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A User's Guide to the Crisis of Civilization: And How to Save It
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More About the Author
Nafeez has also written for the Independent on Sunday, The Independent, The Scotsman, Sydney Morning Herald, The Age, Huffington Post, New Statesman, Prospect Magazine, Le Monde Diplomatique, among many others. He has been a talking head for BBC News 24, BBC World News with George Alagiah, BBC Radio Five Live, BBC Radio Four, BBC World Today, BBC Asian Network, Channel 4, Sky News, C-SPAN Book TV, CNN, FOX News, Bloomberg, PBS Foreign Exchange, Al-Jazeera English, Press TV, Islam Channel and hundreds of other radio and TV shows in the USA, UK, and Europe.
Nafeez is also cited and reviewed in the Sunday Times, Times Higher Educational Supplement, New York Times, The Independent, Independent on Sunday, The Observer, Guardian, Big Issue Magazine, Vanity Fair, among others
Top Customer Reviews
The first chapter is so scary that it is likely many readers will not make it through the book. It brings together the facts and analysis on global warming that have frightened the Pentagon and all European governments since at least 2004. The prognosis is so bleak that all the other chapters seem trivial by comparison, though they cover some very dark problems (genocide, martial law for the masses, large scale detention camps, global dictators, another great depression, mass starvation, acute resource shortages). He could have reversed the order of the chapters to allow the reader to better prepare for the "big one", but he had his reasons.
The author develops a social and philosophical analysis which distills to a list of "key structural problems".Read more ›
I was tempted to keep the book at five stars because the author tip-toes around the core issue of our day, institutionalized corruption. While he opens by saying he is striving to address the "linkage between political violence and social crisis in the context of imperial social systems," the word imperial is as close as he gets to calling out the global criminals that used to be called the elite, and their equally complicit enablers, the political class. Which reminds me of another important book, The Global Class War: How America's Bipartisan Elite Lost Our Future - and What It Will Take to Win It Back as well as the more recent Griftopia: A Story of Bankers, Politicians, and the Most Audacious Power Grab in American History.Read more ›
Climate change: a 6 'C temperature rise could wipe out all life on earth.
Energy scarcity: `peak oil' could lead to permanent high oil prices and new energy wars.
Food insecurity: industrial farming ravages the environment and denudes the soil. Vertically integrated food oligopolies are undercutting the livelihood of subsistence farmers.
Financial instability: financial liberalization and deregulation provoked a worldwide economic and banking crisis to be solved by the government (the taxpayer).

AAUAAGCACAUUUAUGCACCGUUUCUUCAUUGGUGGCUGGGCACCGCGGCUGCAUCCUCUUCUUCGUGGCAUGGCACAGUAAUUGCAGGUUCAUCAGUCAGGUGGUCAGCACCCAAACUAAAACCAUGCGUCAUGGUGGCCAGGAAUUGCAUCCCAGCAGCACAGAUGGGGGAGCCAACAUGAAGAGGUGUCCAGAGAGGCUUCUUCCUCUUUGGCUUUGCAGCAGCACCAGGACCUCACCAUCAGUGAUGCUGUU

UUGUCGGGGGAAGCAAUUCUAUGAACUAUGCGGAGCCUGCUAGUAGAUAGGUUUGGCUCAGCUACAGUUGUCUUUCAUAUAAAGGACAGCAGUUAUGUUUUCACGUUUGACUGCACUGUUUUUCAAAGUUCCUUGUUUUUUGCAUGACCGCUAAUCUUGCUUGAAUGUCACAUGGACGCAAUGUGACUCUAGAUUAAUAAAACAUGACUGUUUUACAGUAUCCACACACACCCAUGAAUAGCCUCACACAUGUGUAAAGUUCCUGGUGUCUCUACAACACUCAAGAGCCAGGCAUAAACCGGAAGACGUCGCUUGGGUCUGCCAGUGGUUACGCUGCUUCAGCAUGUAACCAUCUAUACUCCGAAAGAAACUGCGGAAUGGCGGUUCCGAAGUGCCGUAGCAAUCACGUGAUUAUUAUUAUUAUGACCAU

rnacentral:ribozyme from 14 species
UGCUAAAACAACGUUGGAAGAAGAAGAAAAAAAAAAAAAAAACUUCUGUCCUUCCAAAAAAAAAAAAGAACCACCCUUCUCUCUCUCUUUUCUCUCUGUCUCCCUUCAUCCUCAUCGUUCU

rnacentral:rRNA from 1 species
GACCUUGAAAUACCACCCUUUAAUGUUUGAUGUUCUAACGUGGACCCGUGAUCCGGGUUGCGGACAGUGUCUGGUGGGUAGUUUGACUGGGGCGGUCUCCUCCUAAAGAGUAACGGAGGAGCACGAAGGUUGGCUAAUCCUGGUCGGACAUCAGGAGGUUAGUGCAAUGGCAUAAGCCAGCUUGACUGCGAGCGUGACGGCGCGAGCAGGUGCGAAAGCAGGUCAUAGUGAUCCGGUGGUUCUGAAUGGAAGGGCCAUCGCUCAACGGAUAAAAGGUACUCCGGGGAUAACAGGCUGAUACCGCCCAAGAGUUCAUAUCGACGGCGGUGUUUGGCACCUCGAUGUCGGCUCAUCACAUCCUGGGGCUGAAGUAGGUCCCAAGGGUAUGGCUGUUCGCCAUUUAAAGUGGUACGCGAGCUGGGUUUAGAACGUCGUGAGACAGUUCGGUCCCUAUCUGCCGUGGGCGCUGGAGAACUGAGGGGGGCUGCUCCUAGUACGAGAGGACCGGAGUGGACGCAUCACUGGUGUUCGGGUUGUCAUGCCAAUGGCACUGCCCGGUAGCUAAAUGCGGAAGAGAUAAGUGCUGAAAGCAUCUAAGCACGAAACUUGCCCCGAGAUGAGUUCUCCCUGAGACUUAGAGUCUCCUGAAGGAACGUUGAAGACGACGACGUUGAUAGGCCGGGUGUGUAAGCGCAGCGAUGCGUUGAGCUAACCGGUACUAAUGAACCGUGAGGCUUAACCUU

International terrorism: is linked to the world's over-dependence on oil. It is sponsored by Western intelligence in order to destabilize strategically important countries and to redesign actual geographical maps.
Political violence: its `normalization' by the `deep State' could generate `Police States' and curtail seriously civil liberties.
Neoliberal (`pure market') policies are unable to recognize long-term human costs by focusing on short-term profit maximization for a super-wealthy oligarchy (an imperial social system). Economically, it drives actually nearly exclusively on oil energy. Its ideology is based on unlimited growth and consumption maximization.
On the political front, there should be more real democracy (decentralization of power) through community-lead governance.
On the economic front, there should be sustainable (not unlimited) growth.Read more ›
Most Recent Customer Reviews
Excellent read. I don't give 5 stars lightly. If you're not used to thinking in terms of a "crisis of civilization" then this book will hit you like a punch to the solar... Read morePublished 18 months ago by reader
Frankly, I can say that this book is one of a few that makes you think deeply about what awaits us in the coming years. Read morePublished 21 months ago by Amazon Customer
While very interesting, this book also provides a very timely and academically valid exploration of the crises that are currently being experienced globally. Read morePublished 22 months ago by Tim
Nafeez Mosaddeq Ahmed, Executive Director of the Institute for Policy Research and Development, points out that 1.4 billion people live in extreme poverty. Read morePublished on July 2, 2012 by William Podmore
It is a fascinating book, exploring the crises our civilization is facing today, from climate change to peak oil, to the global financial crisis, and violent extremism, and terrorPublished on May 15, 2012 by George Apostolopoulos
If you want to get ahead of the curve - read this book. It's filled to the brim with in-depth analysis of every major crisis scenario that could emerge in the coming decades. Read morePublished on October 26, 2011 by Clint
Here are a couple of (long) quotes from the Introduction: "This book provides an integrated, interdisciplinary reassessment of our current global predicament. Read morePublished on March 25, 2011 by Amazon Customer